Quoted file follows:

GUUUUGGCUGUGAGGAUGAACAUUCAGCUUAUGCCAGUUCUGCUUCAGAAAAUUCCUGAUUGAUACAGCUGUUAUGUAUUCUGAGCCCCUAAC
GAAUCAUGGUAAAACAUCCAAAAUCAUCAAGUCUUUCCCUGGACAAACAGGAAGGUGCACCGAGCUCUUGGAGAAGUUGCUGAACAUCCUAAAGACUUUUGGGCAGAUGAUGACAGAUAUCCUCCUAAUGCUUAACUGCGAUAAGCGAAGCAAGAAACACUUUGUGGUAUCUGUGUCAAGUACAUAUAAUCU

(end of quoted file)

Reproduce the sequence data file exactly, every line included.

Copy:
GUUUUGGCUGUGAGGAUGAACAUUCAGCUUAUGCCAGUUCUGCUUCAGAAAAUUCCUGAUUGAUACAGCUGUUAUGUAUUCUGAGCCCCUAAC
GAAUCAUGGUAAAACAUCCAAAAUCAUCAAGUCUUUCCCUGGACAAACAGGAAGGUGCACCGAGCUCUUGGAGAAGUUGCUGAACAUCCUAAAGACUUUUGGGCAGAUGAUGACAGAUAUCCUCCUAAUGCUUAACUGCGAUAAGCGAAGCAAGAAACACUUUGUGGUAUCUGUGUCAAGUACAUAUAAUCU